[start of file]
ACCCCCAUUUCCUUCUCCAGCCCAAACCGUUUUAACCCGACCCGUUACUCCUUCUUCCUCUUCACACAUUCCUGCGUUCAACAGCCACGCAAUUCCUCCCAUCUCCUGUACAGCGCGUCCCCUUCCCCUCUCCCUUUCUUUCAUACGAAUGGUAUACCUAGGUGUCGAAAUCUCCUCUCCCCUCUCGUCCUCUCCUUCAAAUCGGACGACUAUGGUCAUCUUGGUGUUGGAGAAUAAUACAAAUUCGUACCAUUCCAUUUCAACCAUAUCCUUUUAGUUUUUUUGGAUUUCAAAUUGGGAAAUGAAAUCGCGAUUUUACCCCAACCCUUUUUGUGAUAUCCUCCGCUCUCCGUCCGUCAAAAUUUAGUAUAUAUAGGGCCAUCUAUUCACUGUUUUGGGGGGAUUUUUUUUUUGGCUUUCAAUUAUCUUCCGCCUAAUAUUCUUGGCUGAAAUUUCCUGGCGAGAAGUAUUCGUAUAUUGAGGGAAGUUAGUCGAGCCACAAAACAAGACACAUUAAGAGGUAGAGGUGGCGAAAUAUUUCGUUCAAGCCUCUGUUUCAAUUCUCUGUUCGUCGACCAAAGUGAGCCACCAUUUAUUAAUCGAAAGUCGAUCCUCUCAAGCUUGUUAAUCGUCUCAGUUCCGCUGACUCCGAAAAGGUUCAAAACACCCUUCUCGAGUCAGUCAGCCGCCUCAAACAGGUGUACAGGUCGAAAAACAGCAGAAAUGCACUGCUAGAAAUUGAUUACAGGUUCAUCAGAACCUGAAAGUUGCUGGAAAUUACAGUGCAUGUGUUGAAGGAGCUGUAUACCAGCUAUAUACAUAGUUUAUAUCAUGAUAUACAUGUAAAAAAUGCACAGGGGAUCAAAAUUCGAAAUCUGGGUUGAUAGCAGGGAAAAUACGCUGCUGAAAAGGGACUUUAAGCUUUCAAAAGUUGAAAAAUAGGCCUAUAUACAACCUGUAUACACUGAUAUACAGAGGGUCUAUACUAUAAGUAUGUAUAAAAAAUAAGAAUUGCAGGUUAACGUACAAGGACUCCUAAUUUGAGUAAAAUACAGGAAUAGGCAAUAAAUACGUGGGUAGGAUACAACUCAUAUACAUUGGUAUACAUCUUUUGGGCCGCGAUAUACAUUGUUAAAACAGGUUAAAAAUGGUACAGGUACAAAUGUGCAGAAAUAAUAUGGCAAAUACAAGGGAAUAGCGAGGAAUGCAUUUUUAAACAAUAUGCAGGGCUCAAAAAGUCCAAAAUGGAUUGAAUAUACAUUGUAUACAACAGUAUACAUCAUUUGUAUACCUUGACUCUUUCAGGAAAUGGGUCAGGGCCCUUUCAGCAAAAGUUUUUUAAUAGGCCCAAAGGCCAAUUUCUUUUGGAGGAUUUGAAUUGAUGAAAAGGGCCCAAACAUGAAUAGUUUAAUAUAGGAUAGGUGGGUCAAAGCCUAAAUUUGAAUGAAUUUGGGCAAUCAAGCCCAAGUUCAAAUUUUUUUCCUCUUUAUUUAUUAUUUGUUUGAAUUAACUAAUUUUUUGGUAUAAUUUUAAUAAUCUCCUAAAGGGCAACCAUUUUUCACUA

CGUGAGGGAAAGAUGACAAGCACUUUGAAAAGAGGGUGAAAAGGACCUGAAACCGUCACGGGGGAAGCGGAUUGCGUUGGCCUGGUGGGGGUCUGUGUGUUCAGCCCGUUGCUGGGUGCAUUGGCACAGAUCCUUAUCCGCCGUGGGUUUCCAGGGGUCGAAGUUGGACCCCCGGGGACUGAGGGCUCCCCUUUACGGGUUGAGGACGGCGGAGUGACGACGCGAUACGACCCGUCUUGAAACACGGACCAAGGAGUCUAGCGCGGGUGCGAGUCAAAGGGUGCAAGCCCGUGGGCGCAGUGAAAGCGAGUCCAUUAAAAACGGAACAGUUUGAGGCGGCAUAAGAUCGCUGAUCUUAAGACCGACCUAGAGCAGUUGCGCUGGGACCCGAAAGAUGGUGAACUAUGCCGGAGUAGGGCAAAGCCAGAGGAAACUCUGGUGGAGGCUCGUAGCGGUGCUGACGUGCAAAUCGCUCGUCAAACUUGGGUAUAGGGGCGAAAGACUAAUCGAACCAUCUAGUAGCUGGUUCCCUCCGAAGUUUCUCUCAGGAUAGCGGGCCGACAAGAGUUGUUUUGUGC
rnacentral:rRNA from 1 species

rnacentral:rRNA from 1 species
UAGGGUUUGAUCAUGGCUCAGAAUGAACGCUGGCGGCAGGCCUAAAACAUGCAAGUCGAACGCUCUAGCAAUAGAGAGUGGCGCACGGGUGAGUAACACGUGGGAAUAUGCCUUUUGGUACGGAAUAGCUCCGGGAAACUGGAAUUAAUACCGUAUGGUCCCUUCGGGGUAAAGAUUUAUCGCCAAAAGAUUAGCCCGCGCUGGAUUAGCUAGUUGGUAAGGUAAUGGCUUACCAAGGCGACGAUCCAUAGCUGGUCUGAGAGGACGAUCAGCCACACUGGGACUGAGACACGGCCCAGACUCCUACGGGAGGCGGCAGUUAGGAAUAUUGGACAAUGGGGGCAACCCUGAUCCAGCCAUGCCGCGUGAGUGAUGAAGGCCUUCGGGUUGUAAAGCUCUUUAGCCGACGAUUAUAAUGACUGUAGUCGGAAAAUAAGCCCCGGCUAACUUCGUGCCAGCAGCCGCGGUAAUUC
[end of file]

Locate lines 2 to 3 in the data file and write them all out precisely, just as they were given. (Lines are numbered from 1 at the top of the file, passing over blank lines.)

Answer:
CGUGAGGGAAAGAUGACAAGCACUUUGAAAAGAGGGUGAAAAGGACCUGAAACCGUCACGGGGGAAGCGGAUUGCGUUGGCCUGGUGGGGGUCUGUGUGUUCAGCCCGUUGCUGGGUGCAUUGGCACAGAUCCUUAUCCGCCGUGGGUUUCCAGGGGUCGAAGUUGGACCCCCGGGGACUGAGGGCUCCCCUUUACGGGUUGAGGACGGCGGAGUGACGACGCGAUACGACCCGUCUUGAAACACGGACCAAGGAGUCUAGCGCGGGUGCGAGUCAAAGGGUGCAAGCCCGUGGGCGCAGUGAAAGCGAGUCCAUUAAAAACGGAACAGUUUGAGGCGGCAUAAGAUCGCUGAUCUUAAGACCGACCUAGAGCAGUUGCGCUGGGACCCGAAAGAUGGUGAACUAUGCCGGAGUAGGGCAAAGCCAGAGGAAACUCUGGUGGAGGCUCGUAGCGGUGCUGACGUGCAAAUCGCUCGUCAAACUUGGGUAUAGGGGCGAAAGACUAAUCGAACCAUCUAGUAGCUGGUUCCCUCCGAAGUUUCUCUCAGGAUAGCGGGCCGACAAGAGUUGUUUUGUGC
rnacentral:rRNA from 1 species